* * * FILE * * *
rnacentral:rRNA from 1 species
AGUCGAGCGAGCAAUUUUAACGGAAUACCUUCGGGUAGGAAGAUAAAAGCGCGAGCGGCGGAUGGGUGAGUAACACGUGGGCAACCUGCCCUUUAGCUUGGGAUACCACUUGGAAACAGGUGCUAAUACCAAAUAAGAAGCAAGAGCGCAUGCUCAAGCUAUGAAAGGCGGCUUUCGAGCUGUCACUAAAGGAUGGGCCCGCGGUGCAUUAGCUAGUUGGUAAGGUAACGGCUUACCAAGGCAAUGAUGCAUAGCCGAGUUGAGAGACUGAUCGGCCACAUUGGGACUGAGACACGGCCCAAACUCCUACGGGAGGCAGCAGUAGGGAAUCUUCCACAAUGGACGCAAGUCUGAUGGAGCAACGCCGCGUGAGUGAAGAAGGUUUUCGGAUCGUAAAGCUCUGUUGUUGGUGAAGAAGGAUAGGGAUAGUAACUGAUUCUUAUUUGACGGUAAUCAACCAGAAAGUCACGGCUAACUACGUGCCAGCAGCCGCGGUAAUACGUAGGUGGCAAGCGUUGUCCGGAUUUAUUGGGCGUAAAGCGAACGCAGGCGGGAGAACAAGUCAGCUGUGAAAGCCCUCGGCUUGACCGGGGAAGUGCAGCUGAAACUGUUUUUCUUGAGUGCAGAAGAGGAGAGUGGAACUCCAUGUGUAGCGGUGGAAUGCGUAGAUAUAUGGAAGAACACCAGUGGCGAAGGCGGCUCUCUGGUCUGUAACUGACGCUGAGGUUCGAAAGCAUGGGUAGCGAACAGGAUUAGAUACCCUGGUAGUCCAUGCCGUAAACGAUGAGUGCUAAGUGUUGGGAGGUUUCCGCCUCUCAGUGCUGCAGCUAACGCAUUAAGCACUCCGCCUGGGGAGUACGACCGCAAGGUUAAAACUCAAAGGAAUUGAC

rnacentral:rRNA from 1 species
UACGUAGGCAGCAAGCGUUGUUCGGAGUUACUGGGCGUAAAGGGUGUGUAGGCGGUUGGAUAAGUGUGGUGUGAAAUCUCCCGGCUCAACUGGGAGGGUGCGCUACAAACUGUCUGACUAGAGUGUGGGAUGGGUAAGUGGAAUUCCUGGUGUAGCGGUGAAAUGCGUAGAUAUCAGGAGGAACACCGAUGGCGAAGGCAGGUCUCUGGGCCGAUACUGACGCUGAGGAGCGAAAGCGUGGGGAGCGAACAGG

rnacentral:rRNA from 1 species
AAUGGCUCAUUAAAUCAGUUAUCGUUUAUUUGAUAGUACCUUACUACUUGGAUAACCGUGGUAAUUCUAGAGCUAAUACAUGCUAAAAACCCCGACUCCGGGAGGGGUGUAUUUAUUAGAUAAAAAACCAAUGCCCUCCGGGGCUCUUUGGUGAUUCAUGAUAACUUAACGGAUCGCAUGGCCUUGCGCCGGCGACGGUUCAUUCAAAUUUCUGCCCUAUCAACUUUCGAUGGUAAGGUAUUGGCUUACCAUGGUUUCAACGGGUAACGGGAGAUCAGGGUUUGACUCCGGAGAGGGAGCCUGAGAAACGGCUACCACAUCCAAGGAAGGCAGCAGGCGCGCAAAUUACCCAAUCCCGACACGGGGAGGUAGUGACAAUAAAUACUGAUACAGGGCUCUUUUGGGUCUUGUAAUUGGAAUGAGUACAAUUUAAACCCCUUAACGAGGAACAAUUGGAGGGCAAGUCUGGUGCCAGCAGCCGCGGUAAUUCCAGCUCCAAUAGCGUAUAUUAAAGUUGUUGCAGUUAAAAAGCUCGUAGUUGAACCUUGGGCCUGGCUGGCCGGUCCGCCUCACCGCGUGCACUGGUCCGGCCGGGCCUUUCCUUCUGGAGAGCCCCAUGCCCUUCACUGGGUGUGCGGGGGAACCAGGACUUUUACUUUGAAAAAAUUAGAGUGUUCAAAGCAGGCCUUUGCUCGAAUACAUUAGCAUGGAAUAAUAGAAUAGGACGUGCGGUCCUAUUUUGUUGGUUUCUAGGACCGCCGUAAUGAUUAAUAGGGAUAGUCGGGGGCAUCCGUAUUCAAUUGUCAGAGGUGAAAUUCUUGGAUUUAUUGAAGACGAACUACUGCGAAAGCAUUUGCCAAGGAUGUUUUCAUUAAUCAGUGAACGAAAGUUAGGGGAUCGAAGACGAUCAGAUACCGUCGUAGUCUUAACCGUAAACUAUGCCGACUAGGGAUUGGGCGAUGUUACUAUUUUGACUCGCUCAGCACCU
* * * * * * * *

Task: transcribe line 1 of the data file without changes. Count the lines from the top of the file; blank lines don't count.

rnacentral:rRNA from 1 species